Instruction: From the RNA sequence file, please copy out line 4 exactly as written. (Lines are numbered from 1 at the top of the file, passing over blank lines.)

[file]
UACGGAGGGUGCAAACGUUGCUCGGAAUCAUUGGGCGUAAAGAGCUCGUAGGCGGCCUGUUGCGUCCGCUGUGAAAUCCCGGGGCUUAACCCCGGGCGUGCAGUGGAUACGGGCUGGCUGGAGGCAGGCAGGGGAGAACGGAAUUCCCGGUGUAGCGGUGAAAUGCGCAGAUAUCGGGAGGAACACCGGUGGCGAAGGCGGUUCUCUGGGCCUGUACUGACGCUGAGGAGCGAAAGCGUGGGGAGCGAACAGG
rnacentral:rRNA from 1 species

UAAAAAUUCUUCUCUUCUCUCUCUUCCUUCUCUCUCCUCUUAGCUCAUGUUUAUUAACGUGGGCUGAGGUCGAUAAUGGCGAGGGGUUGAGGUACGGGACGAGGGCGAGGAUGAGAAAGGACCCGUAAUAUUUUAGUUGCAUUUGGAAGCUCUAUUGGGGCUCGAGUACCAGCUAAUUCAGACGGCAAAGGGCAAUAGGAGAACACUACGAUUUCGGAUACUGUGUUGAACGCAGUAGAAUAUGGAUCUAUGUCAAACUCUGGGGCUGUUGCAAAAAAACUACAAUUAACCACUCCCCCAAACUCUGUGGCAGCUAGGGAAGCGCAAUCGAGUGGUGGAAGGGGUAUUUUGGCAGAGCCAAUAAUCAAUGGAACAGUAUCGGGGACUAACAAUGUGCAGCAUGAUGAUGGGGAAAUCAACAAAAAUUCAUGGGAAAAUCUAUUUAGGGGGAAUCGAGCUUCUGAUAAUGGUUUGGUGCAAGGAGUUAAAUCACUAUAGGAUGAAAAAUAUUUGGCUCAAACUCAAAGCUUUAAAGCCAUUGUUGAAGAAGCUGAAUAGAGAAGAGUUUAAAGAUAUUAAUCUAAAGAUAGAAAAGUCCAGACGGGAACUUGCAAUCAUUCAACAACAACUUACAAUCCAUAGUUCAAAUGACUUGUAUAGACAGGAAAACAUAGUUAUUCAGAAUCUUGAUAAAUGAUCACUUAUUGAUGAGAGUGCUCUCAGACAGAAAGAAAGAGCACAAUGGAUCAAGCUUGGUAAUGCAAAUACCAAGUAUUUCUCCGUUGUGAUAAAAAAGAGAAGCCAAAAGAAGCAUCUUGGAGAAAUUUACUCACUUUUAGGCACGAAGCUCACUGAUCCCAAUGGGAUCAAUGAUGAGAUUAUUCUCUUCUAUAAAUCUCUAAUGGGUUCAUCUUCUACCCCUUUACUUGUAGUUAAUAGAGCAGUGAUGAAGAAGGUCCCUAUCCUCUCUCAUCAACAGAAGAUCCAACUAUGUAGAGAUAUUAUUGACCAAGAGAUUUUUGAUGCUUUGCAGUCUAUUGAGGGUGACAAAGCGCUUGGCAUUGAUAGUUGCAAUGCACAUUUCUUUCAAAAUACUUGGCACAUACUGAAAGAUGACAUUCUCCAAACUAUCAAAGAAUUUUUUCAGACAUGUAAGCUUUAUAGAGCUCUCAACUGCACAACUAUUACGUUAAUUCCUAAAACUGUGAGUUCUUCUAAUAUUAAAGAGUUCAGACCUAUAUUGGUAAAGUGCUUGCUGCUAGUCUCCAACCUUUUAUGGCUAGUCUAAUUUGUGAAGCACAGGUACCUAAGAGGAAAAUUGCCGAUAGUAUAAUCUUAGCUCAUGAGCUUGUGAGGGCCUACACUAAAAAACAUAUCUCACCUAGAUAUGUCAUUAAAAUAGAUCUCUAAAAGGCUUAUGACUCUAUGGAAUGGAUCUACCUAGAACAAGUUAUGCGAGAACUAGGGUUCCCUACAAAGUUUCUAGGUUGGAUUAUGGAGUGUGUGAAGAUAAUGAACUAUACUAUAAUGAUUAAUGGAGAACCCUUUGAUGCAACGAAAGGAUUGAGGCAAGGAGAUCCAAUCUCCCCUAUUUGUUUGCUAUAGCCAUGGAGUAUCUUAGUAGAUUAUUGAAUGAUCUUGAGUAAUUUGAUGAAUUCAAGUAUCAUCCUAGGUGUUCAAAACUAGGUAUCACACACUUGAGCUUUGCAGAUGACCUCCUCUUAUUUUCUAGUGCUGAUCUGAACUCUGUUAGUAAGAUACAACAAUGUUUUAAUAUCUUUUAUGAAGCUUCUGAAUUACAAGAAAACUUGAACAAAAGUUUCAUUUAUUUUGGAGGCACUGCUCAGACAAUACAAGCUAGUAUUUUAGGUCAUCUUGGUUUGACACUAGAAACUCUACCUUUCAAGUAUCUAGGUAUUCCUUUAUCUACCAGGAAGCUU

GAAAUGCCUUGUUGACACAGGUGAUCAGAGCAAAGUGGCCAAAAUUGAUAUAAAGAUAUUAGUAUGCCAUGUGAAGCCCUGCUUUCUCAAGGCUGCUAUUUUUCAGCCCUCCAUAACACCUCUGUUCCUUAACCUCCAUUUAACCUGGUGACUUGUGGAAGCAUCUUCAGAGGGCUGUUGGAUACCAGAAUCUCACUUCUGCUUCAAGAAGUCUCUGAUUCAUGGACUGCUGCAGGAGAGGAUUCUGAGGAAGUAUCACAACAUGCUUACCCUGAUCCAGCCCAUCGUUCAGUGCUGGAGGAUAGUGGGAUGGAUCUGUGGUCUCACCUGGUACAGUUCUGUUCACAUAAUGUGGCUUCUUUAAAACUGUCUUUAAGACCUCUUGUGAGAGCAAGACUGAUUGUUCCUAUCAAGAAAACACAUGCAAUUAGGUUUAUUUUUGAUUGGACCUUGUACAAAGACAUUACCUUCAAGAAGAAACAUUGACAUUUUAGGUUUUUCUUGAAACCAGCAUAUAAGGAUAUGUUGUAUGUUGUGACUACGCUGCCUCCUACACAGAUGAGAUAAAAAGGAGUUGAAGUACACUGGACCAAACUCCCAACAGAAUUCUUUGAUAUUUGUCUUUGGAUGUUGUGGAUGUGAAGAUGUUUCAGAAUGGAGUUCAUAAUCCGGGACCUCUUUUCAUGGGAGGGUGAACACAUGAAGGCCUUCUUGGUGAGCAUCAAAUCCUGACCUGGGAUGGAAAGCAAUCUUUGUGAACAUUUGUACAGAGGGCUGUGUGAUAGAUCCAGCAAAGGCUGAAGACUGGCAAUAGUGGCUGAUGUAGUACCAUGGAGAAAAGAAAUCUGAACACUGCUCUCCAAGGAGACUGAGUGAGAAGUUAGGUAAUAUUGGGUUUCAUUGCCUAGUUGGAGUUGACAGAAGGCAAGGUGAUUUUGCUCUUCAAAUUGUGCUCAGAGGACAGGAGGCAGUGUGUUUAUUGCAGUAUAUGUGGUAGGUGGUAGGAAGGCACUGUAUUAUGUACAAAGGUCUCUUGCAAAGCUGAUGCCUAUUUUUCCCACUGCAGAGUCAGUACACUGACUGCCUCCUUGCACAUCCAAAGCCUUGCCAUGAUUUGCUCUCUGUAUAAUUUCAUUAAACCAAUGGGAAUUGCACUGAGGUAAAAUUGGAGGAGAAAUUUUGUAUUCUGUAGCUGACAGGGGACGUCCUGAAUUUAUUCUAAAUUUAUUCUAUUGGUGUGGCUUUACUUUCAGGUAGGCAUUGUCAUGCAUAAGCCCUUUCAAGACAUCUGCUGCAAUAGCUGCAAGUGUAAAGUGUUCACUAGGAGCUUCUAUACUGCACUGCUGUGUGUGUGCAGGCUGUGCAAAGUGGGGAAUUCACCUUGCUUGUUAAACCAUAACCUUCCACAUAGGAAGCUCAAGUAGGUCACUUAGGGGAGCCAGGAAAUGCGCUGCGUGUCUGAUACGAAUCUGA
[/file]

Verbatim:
GAAAUGCCUUGUUGACACAGGUGAUCAGAGCAAAGUGGCCAAAAUUGAUAUAAAGAUAUUAGUAUGCCAUGUGAAGCCCUGCUUUCUCAAGGCUGCUAUUUUUCAGCCCUCCAUAACACCUCUGUUCCUUAACCUCCAUUUAACCUGGUGACUUGUGGAAGCAUCUUCAGAGGGCUGUUGGAUACCAGAAUCUCACUUCUGCUUCAAGAAGUCUCUGAUUCAUGGACUGCUGCAGGAGAGGAUUCUGAGGAAGUAUCACAACAUGCUUACCCUGAUCCAGCCCAUCGUUCAGUGCUGGAGGAUAGUGGGAUGGAUCUGUGGUCUCACCUGGUACAGUUCUGUUCACAUAAUGUGGCUUCUUUAAAACUGUCUUUAAGACCUCUUGUGAGAGCAAGACUGAUUGUUCCUAUCAAGAAAACACAUGCAAUUAGGUUUAUUUUUGAUUGGACCUUGUACAAAGACAUUACCUUCAAGAAGAAACAUUGACAUUUUAGGUUUUUCUUGAAACCAGCAUAUAAGGAUAUGUUGUAUGUUGUGACUACGCUGCCUCCUACACAGAUGAGAUAAAAAGGAGUUGAAGUACACUGGACCAAACUCCCAACAGAAUUCUUUGAUAUUUGUCUUUGGAUGUUGUGGAUGUGAAGAUGUUUCAGAAUGGAGUUCAUAAUCCGGGACCUCUUUUCAUGGGAGGGUGAACACAUGAAGGCCUUCUUGGUGAGCAUCAAAUCCUGACCUGGGAUGGAAAGCAAUCUUUGUGAACAUUUGUACAGAGGGCUGUGUGAUAGAUCCAGCAAAGGCUGAAGACUGGCAAUAGUGGCUGAUGUAGUACCAUGGAGAAAAGAAAUCUGAACACUGCUCUCCAAGGAGACUGAGUGAGAAGUUAGGUAAUAUUGGGUUUCAUUGCCUAGUUGGAGUUGACAGAAGGCAAGGUGAUUUUGCUCUUCAAAUUGUGCUCAGAGGACAGGAGGCAGUGUGUUUAUUGCAGUAUAUGUGGUAGGUGGUAGGAAGGCACUGUAUUAUGUACAAAGGUCUCUUGCAAAGCUGAUGCCUAUUUUUCCCACUGCAGAGUCAGUACACUGACUGCCUCCUUGCACAUCCAAAGCCUUGCCAUGAUUUGCUCUCUGUAUAAUUUCAUUAAACCAAUGGGAAUUGCACUGAGGUAAAAUUGGAGGAGAAAUUUUGUAUUCUGUAGCUGACAGGGGACGUCCUGAAUUUAUUCUAAAUUUAUUCUAUUGGUGUGGCUUUACUUUCAGGUAGGCAUUGUCAUGCAUAAGCCCUUUCAAGACAUCUGCUGCAAUAGCUGCAAGUGUAAAGUGUUCACUAGGAGCUUCUAUACUGCACUGCUGUGUGUGUGCAGGCUGUGCAAAGUGGGGAAUUCACCUUGCUUGUUAAACCAUAACCUUCCACAUAGGAAGCUCAAGUAGGUCACUUAGGGGAGCCAGGAAAUGCGCUGCGUGUCUGAUACGAAUCUGA